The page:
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GAO-Report

It’s no secret that poor risk management at large financial institutions, including at the board level, helped bring about the last financial crisis.

Since then regulatory agencies have developed new policies and procedures to address risk management and other weaknesses. Recently the U.S. Government Accountability Office (GAO) investigated banking agencies’ supervision of large banks and released a report: Regulators Improved Supervision of Management Activities but Additional Steps Needed.

As you probably guessed from the title, the GAO found that supervision has improved and updated policies and procedures generally follow leading best practices. One small criticism was that “regulators could do a better job informing institutions of potential emerging problems.”

The GAO offered four recommendations, two for the Fed and two for the FDIC, on what can be done to address this.

Let’s take a look.

Recommendation #1: The Director of the Division of Risk Management Supervision of FDIC should update policies and procedures on communications of supervisory recommendations to institutions to provide more complete information about the recommendation, such as the likely cause of the problem or deficient condition, when practicable.

FDIC’s Response: The sample the GAO reviewed pre-dates current procedures for written communications for examiners and is not an accurate representation. The FDIC believes current policy fulfills the GAO’s recommendation.

Recommendation #2: The Director of the Division of Supervision and Regulation of the Board of Governors of the Federal Reserve System should update policies and procedures on communications of supervisory concerns to institutions to provide more complete information about the concerns, such as the likely cause (when practicable) and potential effect of the problem or deficient condition.

Fed Response: The Fed will “consider ways to update its policies and procedures.”

Recommendation #3: The  Director of the Risk Management Supervision Division of FDIC should take steps to improve the completeness and accuracy of MRBA [matters requiring board attention] data in its supervisory recommendations tracking system, in particular, by developing a structure that allows examiners to record MRBAs at progressively granular levels (from a broad level such as examination area to more specific levels including concern type).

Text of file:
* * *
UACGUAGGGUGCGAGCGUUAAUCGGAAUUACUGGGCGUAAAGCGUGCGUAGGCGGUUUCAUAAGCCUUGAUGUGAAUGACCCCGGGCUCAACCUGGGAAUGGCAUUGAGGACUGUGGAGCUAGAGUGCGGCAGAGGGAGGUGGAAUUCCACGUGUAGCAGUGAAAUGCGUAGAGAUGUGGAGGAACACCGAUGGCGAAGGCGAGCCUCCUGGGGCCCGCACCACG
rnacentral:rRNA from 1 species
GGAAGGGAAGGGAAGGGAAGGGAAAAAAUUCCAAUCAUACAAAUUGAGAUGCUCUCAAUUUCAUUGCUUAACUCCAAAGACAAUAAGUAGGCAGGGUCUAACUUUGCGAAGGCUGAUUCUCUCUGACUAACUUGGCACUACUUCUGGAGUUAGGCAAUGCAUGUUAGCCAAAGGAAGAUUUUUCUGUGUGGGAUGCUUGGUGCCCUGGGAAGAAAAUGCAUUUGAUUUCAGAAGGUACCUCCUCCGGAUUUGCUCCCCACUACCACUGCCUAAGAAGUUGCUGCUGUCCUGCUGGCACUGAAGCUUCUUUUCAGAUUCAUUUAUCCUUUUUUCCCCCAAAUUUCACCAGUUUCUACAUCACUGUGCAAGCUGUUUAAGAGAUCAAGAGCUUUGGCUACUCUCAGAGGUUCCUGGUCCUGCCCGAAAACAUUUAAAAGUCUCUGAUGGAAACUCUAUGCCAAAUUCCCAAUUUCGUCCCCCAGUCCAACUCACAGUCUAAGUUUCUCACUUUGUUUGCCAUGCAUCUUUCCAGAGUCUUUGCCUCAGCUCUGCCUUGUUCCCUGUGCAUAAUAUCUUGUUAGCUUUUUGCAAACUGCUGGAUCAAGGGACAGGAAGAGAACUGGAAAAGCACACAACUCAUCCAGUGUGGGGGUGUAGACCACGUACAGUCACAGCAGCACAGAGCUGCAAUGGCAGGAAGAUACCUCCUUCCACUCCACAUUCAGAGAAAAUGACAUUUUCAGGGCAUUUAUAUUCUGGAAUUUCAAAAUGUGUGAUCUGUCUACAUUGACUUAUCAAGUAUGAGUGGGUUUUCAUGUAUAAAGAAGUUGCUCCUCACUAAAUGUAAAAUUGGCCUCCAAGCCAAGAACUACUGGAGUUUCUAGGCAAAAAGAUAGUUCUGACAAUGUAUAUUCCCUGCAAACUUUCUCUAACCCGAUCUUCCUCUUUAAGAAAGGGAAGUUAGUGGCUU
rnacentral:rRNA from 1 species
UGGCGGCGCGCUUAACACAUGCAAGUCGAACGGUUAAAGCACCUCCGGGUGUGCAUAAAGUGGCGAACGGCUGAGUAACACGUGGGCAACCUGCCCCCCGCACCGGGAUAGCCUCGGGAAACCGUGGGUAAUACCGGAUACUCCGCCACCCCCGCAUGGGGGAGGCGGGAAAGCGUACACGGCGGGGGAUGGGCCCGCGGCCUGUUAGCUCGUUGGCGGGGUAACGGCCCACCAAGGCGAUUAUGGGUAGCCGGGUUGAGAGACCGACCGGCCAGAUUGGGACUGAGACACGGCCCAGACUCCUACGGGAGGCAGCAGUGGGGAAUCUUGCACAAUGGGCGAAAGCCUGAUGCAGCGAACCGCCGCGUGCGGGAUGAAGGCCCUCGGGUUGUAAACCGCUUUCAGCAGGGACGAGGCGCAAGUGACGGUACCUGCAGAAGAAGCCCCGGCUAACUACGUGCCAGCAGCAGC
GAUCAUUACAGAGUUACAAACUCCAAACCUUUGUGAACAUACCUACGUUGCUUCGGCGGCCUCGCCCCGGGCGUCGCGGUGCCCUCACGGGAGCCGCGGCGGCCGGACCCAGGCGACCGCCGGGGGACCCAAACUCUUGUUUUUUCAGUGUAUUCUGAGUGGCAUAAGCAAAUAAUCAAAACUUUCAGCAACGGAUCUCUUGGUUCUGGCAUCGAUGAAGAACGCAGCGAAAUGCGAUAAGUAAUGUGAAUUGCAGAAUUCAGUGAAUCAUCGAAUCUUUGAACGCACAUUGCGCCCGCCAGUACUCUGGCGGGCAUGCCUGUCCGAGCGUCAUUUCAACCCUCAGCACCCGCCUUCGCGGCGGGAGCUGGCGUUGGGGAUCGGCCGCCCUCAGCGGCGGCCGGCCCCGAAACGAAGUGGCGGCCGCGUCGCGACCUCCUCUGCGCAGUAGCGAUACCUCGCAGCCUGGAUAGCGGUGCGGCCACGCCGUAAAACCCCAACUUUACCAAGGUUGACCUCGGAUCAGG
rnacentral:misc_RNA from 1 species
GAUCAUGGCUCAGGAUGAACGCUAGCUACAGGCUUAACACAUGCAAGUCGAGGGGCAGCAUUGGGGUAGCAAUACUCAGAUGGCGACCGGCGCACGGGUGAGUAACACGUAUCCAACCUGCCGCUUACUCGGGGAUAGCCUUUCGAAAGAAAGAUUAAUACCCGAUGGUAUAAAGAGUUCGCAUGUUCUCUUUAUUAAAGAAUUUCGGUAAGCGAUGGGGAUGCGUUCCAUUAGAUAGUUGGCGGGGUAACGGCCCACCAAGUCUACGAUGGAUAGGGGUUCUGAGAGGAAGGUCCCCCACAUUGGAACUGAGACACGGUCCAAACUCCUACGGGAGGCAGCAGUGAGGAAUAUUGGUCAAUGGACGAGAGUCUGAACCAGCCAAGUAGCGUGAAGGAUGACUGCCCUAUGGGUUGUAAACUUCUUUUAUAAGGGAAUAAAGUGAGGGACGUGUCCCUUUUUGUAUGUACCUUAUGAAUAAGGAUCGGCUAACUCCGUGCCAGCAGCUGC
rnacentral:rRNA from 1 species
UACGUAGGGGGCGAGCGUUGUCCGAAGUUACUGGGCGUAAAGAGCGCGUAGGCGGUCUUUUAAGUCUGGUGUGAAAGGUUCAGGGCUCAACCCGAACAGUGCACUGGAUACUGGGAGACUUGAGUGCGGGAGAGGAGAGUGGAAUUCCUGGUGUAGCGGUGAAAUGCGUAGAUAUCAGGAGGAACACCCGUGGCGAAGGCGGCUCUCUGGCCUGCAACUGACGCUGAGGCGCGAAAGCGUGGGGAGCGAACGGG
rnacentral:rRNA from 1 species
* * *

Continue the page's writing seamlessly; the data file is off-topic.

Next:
Response: The FDIC agreed that its supervisory recommendation tracking system needs accurate data on MRBA data and that its system should be able to “further categorize MRBAs at the point of entry,” including the ability to track MRBAs progressively. The FDIC will spend the rest of 2019 planning enhancements and the next year implementing them.

Recommendation #4: The Director of the Division of Supervision and Regulation of the Board of Governors of the Federal Reserve System should update policies and procedures to incorporate specific factors for escalating supervisory concerns.

Fed Response: The board will consider whether there are specific factors Federal Reserve staff should consider when escalating supervisory concerns.

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The Takeaways

The GAO’s report provides a reminder of important best practices for risk management even though it’s focused on examiners and not financial institutions.

  1. The GAO makes it clear that risk management is not a backwards-looking activity. Avoiding problems means more than being aware of emerging risks. It requires understanding the cause of them.
  2. It emphasizes the importance of documenting board discussions and approvals, demonstrating due diligence. A financial institution’s board of directors should be heavily involved in risk management, and those actions and decisions need to be recorded.
  3. Finally, it’s important to have documentation and procedures to ensure different individuals, areas, and departments make uniform decisions. Much like a financial institution has underwriting guidelines to ensure consistent lending practices, policies and procedures in other areas reduce the risk of inconsistencies, redundancies, noncompliance, and guesswork by outlining specific practices.

As risk management evolves, make sure your institution and its policies and procedures keep up with best practices. There’s always room for improvement.

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